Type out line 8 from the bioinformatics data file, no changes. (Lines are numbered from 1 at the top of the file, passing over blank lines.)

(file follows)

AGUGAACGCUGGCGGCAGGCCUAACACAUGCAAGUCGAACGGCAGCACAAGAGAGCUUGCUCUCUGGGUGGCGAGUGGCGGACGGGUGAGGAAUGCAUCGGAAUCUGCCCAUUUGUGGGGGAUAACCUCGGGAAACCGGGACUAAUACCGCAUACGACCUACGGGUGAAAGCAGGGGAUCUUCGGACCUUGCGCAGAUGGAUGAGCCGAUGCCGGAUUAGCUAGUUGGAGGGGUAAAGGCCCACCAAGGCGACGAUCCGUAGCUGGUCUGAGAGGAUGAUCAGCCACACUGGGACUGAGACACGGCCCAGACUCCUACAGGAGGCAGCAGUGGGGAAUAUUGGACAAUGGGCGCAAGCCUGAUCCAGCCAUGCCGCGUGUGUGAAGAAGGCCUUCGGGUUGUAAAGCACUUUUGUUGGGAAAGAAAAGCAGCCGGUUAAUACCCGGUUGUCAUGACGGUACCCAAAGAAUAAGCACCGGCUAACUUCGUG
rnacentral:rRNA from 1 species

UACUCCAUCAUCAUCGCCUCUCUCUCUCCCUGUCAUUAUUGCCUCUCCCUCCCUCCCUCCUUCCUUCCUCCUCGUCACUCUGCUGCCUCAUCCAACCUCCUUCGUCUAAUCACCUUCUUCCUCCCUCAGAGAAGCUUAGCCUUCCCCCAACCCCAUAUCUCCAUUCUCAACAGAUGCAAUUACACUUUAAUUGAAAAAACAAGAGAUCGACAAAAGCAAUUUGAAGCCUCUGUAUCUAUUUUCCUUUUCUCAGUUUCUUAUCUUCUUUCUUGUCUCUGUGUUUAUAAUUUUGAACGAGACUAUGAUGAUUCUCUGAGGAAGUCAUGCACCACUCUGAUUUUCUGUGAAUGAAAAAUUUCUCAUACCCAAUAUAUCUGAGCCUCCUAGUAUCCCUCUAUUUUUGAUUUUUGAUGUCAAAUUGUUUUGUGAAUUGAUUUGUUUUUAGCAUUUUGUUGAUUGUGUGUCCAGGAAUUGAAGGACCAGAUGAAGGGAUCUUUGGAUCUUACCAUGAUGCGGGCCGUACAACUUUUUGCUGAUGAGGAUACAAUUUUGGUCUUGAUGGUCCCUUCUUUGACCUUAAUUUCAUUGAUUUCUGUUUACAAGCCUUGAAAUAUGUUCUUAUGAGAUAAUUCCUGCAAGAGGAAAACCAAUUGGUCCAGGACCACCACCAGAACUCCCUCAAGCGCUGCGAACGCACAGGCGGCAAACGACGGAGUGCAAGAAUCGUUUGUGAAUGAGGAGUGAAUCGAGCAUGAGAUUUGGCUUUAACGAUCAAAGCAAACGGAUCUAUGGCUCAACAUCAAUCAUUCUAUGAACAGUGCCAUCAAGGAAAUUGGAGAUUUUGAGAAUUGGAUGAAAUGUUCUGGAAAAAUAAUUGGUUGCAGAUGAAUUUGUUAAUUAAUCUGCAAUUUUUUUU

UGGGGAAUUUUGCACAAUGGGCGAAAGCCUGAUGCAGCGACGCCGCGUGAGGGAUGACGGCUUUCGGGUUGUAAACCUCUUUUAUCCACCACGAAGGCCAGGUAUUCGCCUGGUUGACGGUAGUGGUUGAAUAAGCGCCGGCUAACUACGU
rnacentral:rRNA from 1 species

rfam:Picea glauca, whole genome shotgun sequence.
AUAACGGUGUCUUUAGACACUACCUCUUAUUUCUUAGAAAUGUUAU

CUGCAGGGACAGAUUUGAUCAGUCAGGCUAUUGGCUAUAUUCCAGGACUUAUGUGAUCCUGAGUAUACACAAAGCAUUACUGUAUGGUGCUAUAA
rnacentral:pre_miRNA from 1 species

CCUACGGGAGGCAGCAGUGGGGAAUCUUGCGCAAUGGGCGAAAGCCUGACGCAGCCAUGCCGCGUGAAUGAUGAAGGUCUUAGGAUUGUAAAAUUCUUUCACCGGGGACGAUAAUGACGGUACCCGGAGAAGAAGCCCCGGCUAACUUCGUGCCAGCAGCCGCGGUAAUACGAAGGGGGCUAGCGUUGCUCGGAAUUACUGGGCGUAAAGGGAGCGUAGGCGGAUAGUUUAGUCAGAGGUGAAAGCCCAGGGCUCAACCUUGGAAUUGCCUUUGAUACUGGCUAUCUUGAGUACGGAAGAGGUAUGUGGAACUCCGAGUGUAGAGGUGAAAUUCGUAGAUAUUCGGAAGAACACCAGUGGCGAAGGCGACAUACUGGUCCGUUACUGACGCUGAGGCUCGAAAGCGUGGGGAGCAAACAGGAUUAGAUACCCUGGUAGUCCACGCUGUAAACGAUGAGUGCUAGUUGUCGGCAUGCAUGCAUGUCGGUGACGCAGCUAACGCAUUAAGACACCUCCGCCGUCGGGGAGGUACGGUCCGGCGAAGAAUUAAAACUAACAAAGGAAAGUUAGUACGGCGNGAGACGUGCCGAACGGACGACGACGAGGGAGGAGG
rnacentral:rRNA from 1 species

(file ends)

CUGCAGGGACAGAUUUGAUCAGUCAGGCUAUUGGCUAUAUUCCAGGACUUAUGUGAUCCUGAGUAUACACAAAGCAUUACUGUAUGGUGCUAUAA